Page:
The newest crop of Rock and Roll Hall of Fame nominees are in, and upon seeing the list I didn't feel the need to scratch out my eyeballs and lie weeping in a dark corner.

The newest crop of Rock and Roll Hall of Fame nominees are in, and upon seeing the list I didn't feel the need to scratch out my eyeballs and lie weeping in a dark corner.

Long-time readers of this column know that I've had my, um, issues with the Rock Hall in the past.

Like most popular institutions, the Hall tends to err on the side of the commercially successful and mundane. Yeah, yeah, yeah, they motioned to enshrine the Sex Pistols a few years back and received a hilarious and dead-on rebuke from Johnny Rotten (in the form of a scribbled letter in which he called the Hall of Fame a "pish stain"), but mostly the list is predicable, tame.

Until this year. Some interesting choices could (but mostly likely won't) be made. I can't see The Replacements making it in, even though you could argue that no other band besides REM is more responsible for framing the indie rock sound than the 'Mats.

The nominees are: Nirvana, The Replacements(!), Yes, Cat Stevens, The Zombies, The Meters, N.W.A., Hall & Oates, Kiss, The Paul Butterfield Blues Band, Chic, LL Cool J, Link Wray, Linda Ronstadt, Deep Purple and Peter Gabriel.

That's about as eclectic a list as I've seen the Hall produce. I appreciate most of those mentioned above, except Kiss, but I'll get to that in a minute.

Right off the bat you can make room for Nirvana, Linda Ronstadt and either N.W.A. or LL Cool J.

Nirvana's legend continues to grow, and denying them their rightful place in Cleveland's hallowed Rock and Roll Hall of Fame would be criminal.

The old, angry and broken among us will always bore you with unprovable statements such as, "Today's music is crap compared to the old days." And: "The music the kids listen to today is crap."

I count myself among the old and broken, but I'm not ready to throw in the towel on the kids just yet. I know this because I talk to a fair number of high school punks during my job. And I'm here to tell you they love Nirvana, or at least the smart ones do. The Kurt Cobain worship among this young tribe makes my heart swell and burst. At any moment at any high school in this country you will see at least one gawky, punker kid rocking a Nirvana shirt on the way to geometry, and that makes me feel positive for the direction of this country.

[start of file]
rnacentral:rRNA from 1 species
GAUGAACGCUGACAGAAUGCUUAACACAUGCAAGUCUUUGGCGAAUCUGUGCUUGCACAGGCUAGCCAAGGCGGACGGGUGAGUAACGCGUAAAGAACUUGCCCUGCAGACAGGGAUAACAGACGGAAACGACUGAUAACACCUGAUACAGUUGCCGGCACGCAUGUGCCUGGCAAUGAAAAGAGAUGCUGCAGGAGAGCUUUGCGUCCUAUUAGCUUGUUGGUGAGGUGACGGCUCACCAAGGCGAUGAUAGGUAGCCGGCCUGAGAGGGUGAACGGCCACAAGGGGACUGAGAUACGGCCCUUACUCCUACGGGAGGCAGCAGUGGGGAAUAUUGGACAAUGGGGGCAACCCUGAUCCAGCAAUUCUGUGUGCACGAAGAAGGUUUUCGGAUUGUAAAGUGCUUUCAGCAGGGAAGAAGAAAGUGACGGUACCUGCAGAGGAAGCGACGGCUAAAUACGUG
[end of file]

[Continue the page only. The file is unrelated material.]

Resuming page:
From there you get into the coin flip of N.W.A. or LL Cool J. Of course, the Hall won't pick two (my god!) hip-hop acts, but the horrifying dearth of the genre in the Hall is a continuing pox on the institution. Of course, N.W.A. deserves it. They created a hip-hop revolution by creating hilarious and scary Raiders-jacket-clad characters and combining it with some trenchant satire and political commentary. Everyone likes to focus on the profane and angry tracks on "Straight Outta Compton," but when I listen to that album these days I'm struck with how funny it is. Dr. Dre, Easy E, Ice Cube and Co. were master satirists. Hip-hop doesn't get nearly the credit it deserves for its use of humor to make deep political and philosophical points.

This leads to the inevitable who-can-be-more-stupid battle over Cat Stevens. I'm on record as a Cat Stevens fan. My parents used to rock "Teaser and the Firecat" on vinyl every Sunday morning when I was a kid. However, Cat has since embraced Islam and changed his name to something Middle Eastern and scary, so there will be those whose teeth will gnash about honoring a dude who happens to share something vaguely in common with a certain group of people who blew up some of our buildings in New York in late summer 2001.

I can't support Kiss making it into the Hall. For two reasons: 1. If you're going to honor theater/shock rock for the first time, it should be Alice Cooper. He was more talented and funnier than Kiss. And 2. Kiss sucks.

Prog rock gets its due with Yes and Peter Gabriel. I hate prog rock, so this matters not to me. Those of you who believe Rush's "2112" is the end-all-be-all of rock 'n' roll, feel free to criticize. But you'll have to wait until after Neal Pert's sixth drum solo, and by then I'll be long gone.

I'm curious to hear your thoughts/ideas/vitriol about the Hall. Send them my way. And if any brave soul wants to make the case for Hall & Oates, I'd be curious to hear your pitch.

Reach reporter Chris Conrad at 541-776-4471 or